Before you hit the road, the injury and accident attorneys at Chain | Cohn | Stiles encourages you check out these Thanksgiving driving tips to navigate through traffic and arrive at your destination safely.

Plan Ahead

You should expect to encounter traffic, so plan to leave early if necessary to avoid stress on the road. Share travel plans with a family member or friend. Also, make sure that your vehicle is ready for long distances travel before you leave your home. Before you get on a highway, know your exit by name and number, and watch the signs as you near the off-ramp. Make sure that your windshield wipers work well, that your tires are properly inflated, and that no service lights illuminate your dashboard. Have your radiator and cooling system serviced. Lastly, have an emergency kit that includes a battery powered radio, flashlight, blanket, jumper cables, fire extinguisher, first aid kit, bottled water, non-perishable foods, maps, tire repair kit and flares.

Buckle Up

The simple act of buckling your seat belt increases your chance of surviving a crash. In 2016 alone, seat belts saved 14,668 lives. The Thanksgiving holiday weekend in 2016 saw 341 people killed in traffic across the country. About half of those who died weren’t wearing seat belts. Most often, younger people and men are failing to buckle up. Among 13- to 15-year-olds killed in crashes in 2016, 62 percent weren’t wearing seat belts. Similarly, 59 percent of 25- to 34-year-olds killed in crashes were also not wearing seat belts. That same year slightly more than half of men killed in crashes were unbelted, compared with 40 percent of women, according to National Highway Traffic Safety Administration.

The NHTSA states it simply: “Buckle Up — Every Trip, Every Time.”

Choose Alternate Travel Days

If possible, leave a day early and stay an extra day at your Thanksgiving destination to avoid traffic hassles and potential roadside headaches. Use a GPS device with real-time traffic information to keep your options open for alternate routes. Make sure that you are rested and alert to drive, and make frequent stops to give you and your passengers a break.

Watch the Weather Reports

In many parts of the country, and possibly in California, Thanksgiving weekend means the potential for hazardous weather, especially during early mornings and evenings with the cold. Watch the weather reports before you set out for the weekend and before you travel back home to make sure that the roads aren’t too treacherous to drive.

Avoid Distractions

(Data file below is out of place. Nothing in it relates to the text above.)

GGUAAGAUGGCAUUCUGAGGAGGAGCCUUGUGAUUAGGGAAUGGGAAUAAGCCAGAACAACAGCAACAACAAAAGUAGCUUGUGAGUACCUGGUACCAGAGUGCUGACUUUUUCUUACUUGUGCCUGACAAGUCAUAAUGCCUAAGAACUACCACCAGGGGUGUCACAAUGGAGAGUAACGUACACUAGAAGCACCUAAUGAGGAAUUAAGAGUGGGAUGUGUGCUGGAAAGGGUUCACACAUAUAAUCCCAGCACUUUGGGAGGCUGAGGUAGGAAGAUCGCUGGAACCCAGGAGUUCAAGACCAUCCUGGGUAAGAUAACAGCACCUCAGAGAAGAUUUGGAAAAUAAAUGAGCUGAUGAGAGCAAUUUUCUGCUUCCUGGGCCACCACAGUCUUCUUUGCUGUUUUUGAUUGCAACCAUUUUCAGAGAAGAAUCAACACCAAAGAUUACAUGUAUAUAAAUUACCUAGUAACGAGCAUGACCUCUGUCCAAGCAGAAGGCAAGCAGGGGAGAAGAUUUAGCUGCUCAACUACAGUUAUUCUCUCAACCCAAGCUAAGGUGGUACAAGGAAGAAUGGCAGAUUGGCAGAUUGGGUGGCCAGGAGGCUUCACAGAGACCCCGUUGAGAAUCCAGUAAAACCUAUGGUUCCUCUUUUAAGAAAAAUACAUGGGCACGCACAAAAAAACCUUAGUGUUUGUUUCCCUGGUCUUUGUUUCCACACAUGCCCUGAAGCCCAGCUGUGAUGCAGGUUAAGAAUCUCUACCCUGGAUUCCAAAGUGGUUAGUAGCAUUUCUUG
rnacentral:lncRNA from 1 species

Distracted driving is never good idea. Ignore all distractions until you are able to safely pull off the road and respond. No call or text is worth risking your life. Also, know your limitations: Don’t drive when tired, upset, or physically ill.

“Thanksgiving is about being with your family,” said David Cohn, managing partner at Chain | Cohn | Stiles. “Caution, patience and preparedness are especially important so we all arrive safely to our loved ones.”

Finally, when you arrive at your destination, please drink responsibly if you are consuming alcohol. If you are expecting to hit the roads again, use a designated driver or plan appropriately to ensure guests make it home safely.

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If you or someone you know is injured in an accident over the holidays at the fault of someone else, please contact the accident and injury lawyers at Chain | Cohn | Stiles by calling (661) 323-4000, or use the chat service at the website chainlaw.com.

Bike Bakersfield, Chain | Cohn | Stiles provides free helmets, bicycle lights, safety lessons through 2018 ‘Project Light up the Night’

November 7, 2018 | 8:26 am


With Daylight Saving Time in full swing, it’s more important than ever for drivers to be careful while commuting to and from work in the dark, and for pedestrians and bicyclists to make sure they are visible.

In fact, thousands of children in Kern County will walk, bike, wait at the bus stop, and even drive to school in the extended dark periods. Others may exercise, walk their pets, or drive about in the evening hours. Safety advocates argue that Daylight Saving Time increases pedestrian and bicycle injuries, car accidents, and deaths.

Enter Project Light up the Night. The annual program hosted by the local bicycle advocacy nonprofit aims to make Kern County’s roads a little safer for drivers and cyclists by giving out free bicycle lights, helmets, and safety lessons at various locations throughout Bakersfield and Kern County.

Chain | Cohn | Stiles is proud to support Project Light up the Night each year by providing the helmets and lights, and are joined by Kern Family Health Care as a sponsor of the program.

“We all need to understand the added dangers that come with the commuting in the dark,” said David Cohn, managing partner with Chain | Cohn | Stiles. “Drivers need to be extra careful to watch out for pedestrians and cyclists, and they need to make sure they’re seen by motorists.”

Bike Bakersfield representatives will be handing out the free helmets and lights on select Thursdays throughout Kern County. Bicyclists must have their bicycle on hand to receive a safety light and helmet. The 2018 dates this year are as follows:

  • 6-8 p.m. on Thursday, Nov. 1, at Bike Bakersfield (1708 Chester Ave.)
  • 6-8 p.m. on Thursday, Nov. 8, at Standard Park (301 E. Minner Ave.)
  • 6-8 p.m. on Thursday, Nov, 15, at Greenfield Resource Center (5400 Monitor St.) and Bike Arvin (1241 Bear Mountain Ave.)
  • 6-8 p.m. on Thursday, Nov. 23, in location to be determined.
  • 6-8 p.m. on Thursday, Nov. 29, in location to be determined.